“Babe, you’re staring!” My husband whisper-shouted to me.
I couldn’t take my eyes away. It was like a movie, something we rehearse in our heads.
Last weekend, my family went out to celebrate my niece’s birthday. At a new Italian restaurant in town, we sat family-style and a long wooden table. With a few chairs left at the end, the hostess brought two moms and their children to sit at our table.
As soon as they sat down, the children pulled out their gadgets. Two had iPhones, one had an iPad. The moms began chit-chatting and the children were off in their own worlds. The waitress came to take drink orders.
“Lauren, tell her what you want to drink.” The girl stared dumbfounded at the waitress.
“She’ll have a Shirley temple.” her mom said.
The waitress left. The moms continued chit-chatting. The children kept busy on their gadgets.
My husband continued to tell me that I was staring, but I could not look away. It was fascinating. All at once I was amazed and proud and angry. I’m guessing these children ranged in age from 8 to 12 years old, ages that should allow children to be social and talkative and interested in a super cool restaurant with homemade pasta being rolled out in one corner and chefs throwing pizza in the air in another. Instead of enjoying their dining experience, they say silent, in a trance with their gadgets.
“Drake! Drake!” One mom barked to her kid.
The waitress was holding his hot pizza over his head, needing him to make some room for it in front of him. Arm shaking, she continued to wait. The boy had to finish his game.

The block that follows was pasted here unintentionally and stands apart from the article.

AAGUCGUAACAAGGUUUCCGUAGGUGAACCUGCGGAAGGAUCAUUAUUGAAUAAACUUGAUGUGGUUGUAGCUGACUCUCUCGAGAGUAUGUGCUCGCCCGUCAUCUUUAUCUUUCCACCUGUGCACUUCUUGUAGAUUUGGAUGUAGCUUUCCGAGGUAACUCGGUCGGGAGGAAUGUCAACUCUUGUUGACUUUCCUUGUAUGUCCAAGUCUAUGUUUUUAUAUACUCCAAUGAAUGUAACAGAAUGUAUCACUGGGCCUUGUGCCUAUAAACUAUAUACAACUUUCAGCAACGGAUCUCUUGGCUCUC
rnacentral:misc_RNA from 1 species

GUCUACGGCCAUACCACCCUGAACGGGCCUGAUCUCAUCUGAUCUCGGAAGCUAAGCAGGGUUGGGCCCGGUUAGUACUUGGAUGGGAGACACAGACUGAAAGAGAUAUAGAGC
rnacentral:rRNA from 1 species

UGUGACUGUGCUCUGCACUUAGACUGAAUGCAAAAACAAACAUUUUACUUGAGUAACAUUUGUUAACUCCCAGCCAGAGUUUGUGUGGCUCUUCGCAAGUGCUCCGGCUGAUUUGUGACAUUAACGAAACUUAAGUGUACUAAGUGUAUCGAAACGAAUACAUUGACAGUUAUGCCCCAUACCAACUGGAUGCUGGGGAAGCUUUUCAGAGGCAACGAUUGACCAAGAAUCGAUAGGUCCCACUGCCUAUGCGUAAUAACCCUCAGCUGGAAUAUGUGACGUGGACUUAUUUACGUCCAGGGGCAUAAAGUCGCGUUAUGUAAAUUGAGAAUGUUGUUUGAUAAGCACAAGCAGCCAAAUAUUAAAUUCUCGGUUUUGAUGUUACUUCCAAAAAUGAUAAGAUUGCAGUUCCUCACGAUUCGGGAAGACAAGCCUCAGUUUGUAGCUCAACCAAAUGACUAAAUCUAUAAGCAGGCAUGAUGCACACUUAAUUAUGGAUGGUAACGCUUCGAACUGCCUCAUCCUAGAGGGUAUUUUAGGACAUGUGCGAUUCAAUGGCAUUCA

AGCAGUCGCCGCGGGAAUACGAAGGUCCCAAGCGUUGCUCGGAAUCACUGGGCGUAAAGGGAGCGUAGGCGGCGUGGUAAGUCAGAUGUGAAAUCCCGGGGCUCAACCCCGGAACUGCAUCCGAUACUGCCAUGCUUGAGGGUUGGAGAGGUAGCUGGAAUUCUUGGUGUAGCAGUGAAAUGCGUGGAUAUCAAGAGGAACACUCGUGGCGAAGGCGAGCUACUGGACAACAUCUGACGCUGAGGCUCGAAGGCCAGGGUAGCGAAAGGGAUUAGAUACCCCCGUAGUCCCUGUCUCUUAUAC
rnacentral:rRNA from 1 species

At this point, I was thinking “Okay. I guess I can see playing a game or two while they wait for their food. Surely the moms will make them put their stuff away now that the food is here.”
Nope. They just continued: a bite of pizza here, more gaming, a drink of Sprite, more gaming. They didn’t talk to their moms. They didn’t talk to each other. They didn’t even acknowledge my adorable children who were sitting right next to them and obviously trying to say hello.
While I’m sure that iPhones and iPads aren’t the root of all evil, there has got to be a limit! I’m telling you, these children didn’t interact with anyone the entire two hours we were there. I’m not even sure they knew how. Instead of enjoying a night out with their children, these mothers enjoyed a night out with each other, leaving their children to be entertained by an expensive gadget. Technology is amazing and it is important for children to know how and be able to use it, but there comes a time when we need to realize that enough is enough.
What’s your take? How do you limit screen time with your children? What are your rules for gadgets during dinner time?